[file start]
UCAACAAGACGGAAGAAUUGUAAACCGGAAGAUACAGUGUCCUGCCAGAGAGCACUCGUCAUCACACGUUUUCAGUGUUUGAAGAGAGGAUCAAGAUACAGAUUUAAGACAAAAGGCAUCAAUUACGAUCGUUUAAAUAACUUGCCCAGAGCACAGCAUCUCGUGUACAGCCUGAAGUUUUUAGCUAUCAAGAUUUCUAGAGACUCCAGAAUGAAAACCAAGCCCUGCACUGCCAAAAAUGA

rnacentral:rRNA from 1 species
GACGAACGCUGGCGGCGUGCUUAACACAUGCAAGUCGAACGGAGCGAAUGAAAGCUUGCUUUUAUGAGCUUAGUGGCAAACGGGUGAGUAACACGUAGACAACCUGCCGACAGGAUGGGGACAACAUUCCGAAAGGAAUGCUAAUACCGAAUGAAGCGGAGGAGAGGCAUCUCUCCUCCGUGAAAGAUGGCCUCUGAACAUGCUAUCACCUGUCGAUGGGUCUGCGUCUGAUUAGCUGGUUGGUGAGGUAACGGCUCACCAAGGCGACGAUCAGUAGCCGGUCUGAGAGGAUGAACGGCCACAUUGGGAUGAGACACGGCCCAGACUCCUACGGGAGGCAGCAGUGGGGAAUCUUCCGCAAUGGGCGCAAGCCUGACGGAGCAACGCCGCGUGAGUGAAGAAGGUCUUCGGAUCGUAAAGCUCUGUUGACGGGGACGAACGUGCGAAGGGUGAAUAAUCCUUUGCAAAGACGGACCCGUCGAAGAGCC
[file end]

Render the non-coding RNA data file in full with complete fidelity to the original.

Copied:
UCAACAAGACGGAAGAAUUGUAAACCGGAAGAUACAGUGUCCUGCCAGAGAGCACUCGUCAUCACACGUUUUCAGUGUUUGAAGAGAGGAUCAAGAUACAGAUUUAAGACAAAAGGCAUCAAUUACGAUCGUUUAAAUAACUUGCCCAGAGCACAGCAUCUCGUGUACAGCCUGAAGUUUUUAGCUAUCAAGAUUUCUAGAGACUCCAGAAUGAAAACCAAGCCCUGCACUGCCAAAAAUGA

rnacentral:rRNA from 1 species
GACGAACGCUGGCGGCGUGCUUAACACAUGCAAGUCGAACGGAGCGAAUGAAAGCUUGCUUUUAUGAGCUUAGUGGCAAACGGGUGAGUAACACGUAGACAACCUGCCGACAGGAUGGGGACAACAUUCCGAAAGGAAUGCUAAUACCGAAUGAAGCGGAGGAGAGGCAUCUCUCCUCCGUGAAAGAUGGCCUCUGAACAUGCUAUCACCUGUCGAUGGGUCUGCGUCUGAUUAGCUGGUUGGUGAGGUAACGGCUCACCAAGGCGACGAUCAGUAGCCGGUCUGAGAGGAUGAACGGCCACAUUGGGAUGAGACACGGCCCAGACUCCUACGGGAGGCAGCAGUGGGGAAUCUUCCGCAAUGGGCGCAAGCCUGACGGAGCAACGCCGCGUGAGUGAAGAAGGUCUUCGGAUCGUAAAGCUCUGUUGACGGGGACGAACGUGCGAAGGGUGAAUAAUCCUUUGCAAAGACGGACCCGUCGAAGAGCC